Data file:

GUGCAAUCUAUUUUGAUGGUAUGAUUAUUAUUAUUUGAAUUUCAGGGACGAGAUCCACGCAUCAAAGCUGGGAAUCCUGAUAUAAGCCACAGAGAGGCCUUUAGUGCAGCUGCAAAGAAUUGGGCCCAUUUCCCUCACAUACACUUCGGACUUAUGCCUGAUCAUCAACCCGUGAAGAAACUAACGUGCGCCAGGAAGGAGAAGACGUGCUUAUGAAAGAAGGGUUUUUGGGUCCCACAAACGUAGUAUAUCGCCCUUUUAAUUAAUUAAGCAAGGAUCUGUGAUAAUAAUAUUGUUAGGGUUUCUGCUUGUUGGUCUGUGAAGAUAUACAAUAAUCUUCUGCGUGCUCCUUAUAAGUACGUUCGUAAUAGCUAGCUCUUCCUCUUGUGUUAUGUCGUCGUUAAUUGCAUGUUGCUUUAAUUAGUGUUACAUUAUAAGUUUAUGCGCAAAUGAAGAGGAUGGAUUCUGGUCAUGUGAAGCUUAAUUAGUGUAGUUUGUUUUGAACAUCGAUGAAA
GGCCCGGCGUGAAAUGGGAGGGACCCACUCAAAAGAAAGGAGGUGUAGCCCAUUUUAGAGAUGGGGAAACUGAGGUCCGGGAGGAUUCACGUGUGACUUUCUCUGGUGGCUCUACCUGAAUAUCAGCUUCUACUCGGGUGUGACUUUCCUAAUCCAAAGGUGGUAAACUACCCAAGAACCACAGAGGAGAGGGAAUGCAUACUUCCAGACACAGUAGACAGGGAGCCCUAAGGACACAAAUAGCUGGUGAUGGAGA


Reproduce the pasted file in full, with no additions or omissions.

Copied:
GUGCAAUCUAUUUUGAUGGUAUGAUUAUUAUUAUUUGAAUUUCAGGGACGAGAUCCACGCAUCAAAGCUGGGAAUCCUGAUAUAAGCCACAGAGAGGCCUUUAGUGCAGCUGCAAAGAAUUGGGCCCAUUUCCCUCACAUACACUUCGGACUUAUGCCUGAUCAUCAACCCGUGAAGAAACUAACGUGCGCCAGGAAGGAGAAGACGUGCUUAUGAAAGAAGGGUUUUUGGGUCCCACAAACGUAGUAUAUCGCCCUUUUAAUUAAUUAAGCAAGGAUCUGUGAUAAUAAUAUUGUUAGGGUUUCUGCUUGUUGGUCUGUGAAGAUAUACAAUAAUCUUCUGCGUGCUCCUUAUAAGUACGUUCGUAAUAGCUAGCUCUUCCUCUUGUGUUAUGUCGUCGUUAAUUGCAUGUUGCUUUAAUUAGUGUUACAUUAUAAGUUUAUGCGCAAAUGAAGAGGAUGGAUUCUGGUCAUGUGAAGCUUAAUUAGUGUAGUUUGUUUUGAACAUCGAUGAAA
GGCCCGGCGUGAAAUGGGAGGGACCCACUCAAAAGAAAGGAGGUGUAGCCCAUUUUAGAGAUGGGGAAACUGAGGUCCGGGAGGAUUCACGUGUGACUUUCUCUGGUGGCUCUACCUGAAUAUCAGCUUCUACUCGGGUGUGACUUUCCUAAUCCAAAGGUGGUAAACUACCCAAGAACCACAGAGGAGAGGGAAUGCAUACUUCCAGACACAGUAGACAGGGAGCCCUAAGGACACAAAUAGCUGGUGAUGGAGA